With the passage of the Trade Facilitation and Trade Enforcement Act in February 2016, Drawback Simplification legislation has created several exciting opportunities for current and potential drawback claimants. The new law will become fully realized by 2019 but can be acted upon as early as February of 2018. Until implementation, there are steps that can be taken to prepare for the changes by analyzing the potential expansion opportunities you may have.
Substitution Drawback Simplification
The greatest benefits of the new legislation will be available for claimants of unused merchandise substitution drawback. In today’s drawback, claimants must link imports to exports based on part number, style, size, color, or any other identifier. In a provision of the new law, if there is an 8-digit Harmonized Tariff Schedule (HTS) match for imports and exports, you will be able to claim drawback for unused merchandise. An example would be a plain red shirt that is classified at importation as 6206.30.10 which can be matched with a blue shirt with a design that falls within the same 6206.30.10 HTS. The same type of match can be made across many industries and this provision of the new law simplifies the unused merchandise drawback process for substitution. While there are some limitations with the new law (such as, if your classification starts with the word “other”), the drawback dollars to be paid out to claimants should increase significantly.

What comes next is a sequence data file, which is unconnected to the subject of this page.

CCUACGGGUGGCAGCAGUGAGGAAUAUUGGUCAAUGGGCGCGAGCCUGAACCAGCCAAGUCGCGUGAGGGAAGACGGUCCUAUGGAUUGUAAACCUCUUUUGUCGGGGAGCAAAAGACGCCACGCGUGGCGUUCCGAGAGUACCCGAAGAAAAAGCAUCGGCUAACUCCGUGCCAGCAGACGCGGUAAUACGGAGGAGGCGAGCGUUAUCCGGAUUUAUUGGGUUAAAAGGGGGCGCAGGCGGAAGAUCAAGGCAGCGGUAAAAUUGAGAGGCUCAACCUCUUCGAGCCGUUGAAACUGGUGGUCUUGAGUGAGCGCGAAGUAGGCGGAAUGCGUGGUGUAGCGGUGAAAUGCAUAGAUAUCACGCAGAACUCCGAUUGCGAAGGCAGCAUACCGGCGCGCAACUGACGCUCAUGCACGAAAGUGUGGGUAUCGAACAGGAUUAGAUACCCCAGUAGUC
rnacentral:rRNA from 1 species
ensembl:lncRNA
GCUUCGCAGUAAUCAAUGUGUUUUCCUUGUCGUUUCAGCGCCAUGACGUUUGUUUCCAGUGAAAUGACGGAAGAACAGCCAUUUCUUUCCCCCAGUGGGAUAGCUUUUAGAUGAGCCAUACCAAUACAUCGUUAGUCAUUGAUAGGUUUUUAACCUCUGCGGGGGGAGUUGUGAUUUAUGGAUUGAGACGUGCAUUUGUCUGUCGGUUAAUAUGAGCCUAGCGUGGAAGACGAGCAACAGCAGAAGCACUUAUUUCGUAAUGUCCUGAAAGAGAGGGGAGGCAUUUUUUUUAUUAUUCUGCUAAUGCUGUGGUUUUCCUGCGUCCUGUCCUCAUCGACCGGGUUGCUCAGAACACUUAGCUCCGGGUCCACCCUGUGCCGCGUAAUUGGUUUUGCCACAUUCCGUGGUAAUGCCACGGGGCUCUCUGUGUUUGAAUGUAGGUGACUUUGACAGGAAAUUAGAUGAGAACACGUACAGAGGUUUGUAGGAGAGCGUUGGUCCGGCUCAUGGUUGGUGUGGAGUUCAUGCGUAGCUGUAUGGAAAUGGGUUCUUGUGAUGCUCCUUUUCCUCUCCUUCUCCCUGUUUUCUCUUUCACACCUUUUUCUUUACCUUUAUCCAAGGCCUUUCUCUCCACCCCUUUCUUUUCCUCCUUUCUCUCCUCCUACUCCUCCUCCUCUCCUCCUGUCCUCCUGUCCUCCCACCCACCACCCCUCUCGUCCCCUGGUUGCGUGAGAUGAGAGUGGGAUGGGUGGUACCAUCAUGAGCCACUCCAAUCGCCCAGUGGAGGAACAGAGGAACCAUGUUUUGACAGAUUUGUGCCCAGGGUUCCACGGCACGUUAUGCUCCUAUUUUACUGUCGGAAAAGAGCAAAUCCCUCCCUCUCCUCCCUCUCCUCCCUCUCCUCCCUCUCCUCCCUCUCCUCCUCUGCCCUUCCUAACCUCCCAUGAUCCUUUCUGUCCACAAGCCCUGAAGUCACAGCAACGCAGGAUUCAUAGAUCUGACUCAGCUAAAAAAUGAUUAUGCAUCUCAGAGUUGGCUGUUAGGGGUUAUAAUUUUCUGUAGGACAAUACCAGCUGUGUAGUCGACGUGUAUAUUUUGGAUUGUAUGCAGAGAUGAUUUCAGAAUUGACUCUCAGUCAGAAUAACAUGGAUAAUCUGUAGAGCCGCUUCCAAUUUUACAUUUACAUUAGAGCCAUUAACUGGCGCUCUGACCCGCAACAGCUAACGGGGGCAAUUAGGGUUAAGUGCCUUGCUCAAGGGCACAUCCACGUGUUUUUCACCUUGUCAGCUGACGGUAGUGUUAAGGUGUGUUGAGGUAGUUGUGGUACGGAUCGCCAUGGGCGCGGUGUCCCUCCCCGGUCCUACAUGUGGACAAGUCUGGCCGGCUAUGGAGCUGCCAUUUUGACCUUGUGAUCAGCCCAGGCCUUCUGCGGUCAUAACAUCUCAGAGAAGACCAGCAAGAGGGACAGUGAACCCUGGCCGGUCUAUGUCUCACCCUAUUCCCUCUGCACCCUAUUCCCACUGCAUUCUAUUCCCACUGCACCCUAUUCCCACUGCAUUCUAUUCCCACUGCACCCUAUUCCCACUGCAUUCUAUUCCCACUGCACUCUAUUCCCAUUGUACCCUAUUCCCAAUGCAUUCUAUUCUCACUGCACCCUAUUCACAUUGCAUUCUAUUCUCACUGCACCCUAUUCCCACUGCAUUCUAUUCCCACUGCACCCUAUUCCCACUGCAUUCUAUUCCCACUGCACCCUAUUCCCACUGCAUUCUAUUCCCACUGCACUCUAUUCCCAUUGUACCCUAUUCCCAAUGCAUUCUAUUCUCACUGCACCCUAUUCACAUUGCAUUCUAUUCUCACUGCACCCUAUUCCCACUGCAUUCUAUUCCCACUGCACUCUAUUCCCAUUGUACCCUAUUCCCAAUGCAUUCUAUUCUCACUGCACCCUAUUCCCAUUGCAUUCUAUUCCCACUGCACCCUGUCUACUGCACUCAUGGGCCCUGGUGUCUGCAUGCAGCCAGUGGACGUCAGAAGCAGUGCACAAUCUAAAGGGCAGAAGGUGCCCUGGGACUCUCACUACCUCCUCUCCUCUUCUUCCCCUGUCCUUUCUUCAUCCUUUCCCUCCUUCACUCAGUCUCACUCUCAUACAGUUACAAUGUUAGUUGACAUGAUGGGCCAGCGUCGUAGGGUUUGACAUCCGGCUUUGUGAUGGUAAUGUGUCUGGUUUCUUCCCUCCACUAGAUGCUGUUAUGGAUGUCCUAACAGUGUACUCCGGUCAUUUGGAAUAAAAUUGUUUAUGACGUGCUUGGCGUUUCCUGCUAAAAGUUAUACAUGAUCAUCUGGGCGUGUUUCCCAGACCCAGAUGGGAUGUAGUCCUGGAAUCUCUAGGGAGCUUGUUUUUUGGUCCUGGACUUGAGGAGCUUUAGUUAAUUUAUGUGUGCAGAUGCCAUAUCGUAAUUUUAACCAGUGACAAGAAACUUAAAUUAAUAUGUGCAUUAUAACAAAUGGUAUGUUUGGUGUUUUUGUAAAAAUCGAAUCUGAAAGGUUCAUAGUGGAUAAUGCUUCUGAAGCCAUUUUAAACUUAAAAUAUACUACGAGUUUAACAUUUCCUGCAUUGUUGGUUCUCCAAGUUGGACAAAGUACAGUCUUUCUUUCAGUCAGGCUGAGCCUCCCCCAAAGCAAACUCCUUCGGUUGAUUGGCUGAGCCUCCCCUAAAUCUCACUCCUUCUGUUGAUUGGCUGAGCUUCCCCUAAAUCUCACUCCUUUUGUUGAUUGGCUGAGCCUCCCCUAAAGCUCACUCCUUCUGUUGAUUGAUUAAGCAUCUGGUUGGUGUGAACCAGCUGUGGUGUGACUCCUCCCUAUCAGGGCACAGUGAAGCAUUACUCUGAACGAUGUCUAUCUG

The 8-digit substitution change also allows for drawback trading opportunities using a company’s excess imports and exports which are not claimed through the traditional drawback programs. This concept is only eligible for petroleum derivatives under the current drawback law, but will be available for all commodities under the new law. Similar to the substitution concept for unused merchandise, the merchandise for drawback trading is matched on an 8-digit HTS for HTS basis and is not limited to the imports and exports within one company. For example, Company A imports 50,000 widgets classified as 8110.58.10, but does not export them. Company B exports 50,000 screws classified as 8110.58.10, but does not import them. In the new drawback world, Company A can match their imports of widgets with the exports of screws from Company B to share drawback on 50,000 pieces classified as HTS 8110.58.10. This creates drawback opportunities for companies that previously had limited opportunities for refunds on their duties or were unable to participate in drawback.
Under the current drawback law, claiming on Harbor Maintenance Fees and Merchandise Processing Fees (HMF / MPF) is limited to unused merchandise drawback claims; however, the new legislation will allow for claiming the fees in manufacturing programs. This is done in conjunction with your drawback refunds and is a simple and easy way to increase the drawback received.
The next year will pass quickly and it’s time that should be spent analyzing your data, making changes if needed to the data that is currently used for your current drawback program, and preparing for drawback trading opportunities. Comstock and Holt are already taking steps for our clients and welcome the opportunity to speak with you about any questions you may have and to assist with your analysis and future drawback needs. Let us help you improve your bottom line by maximizing your drawback program!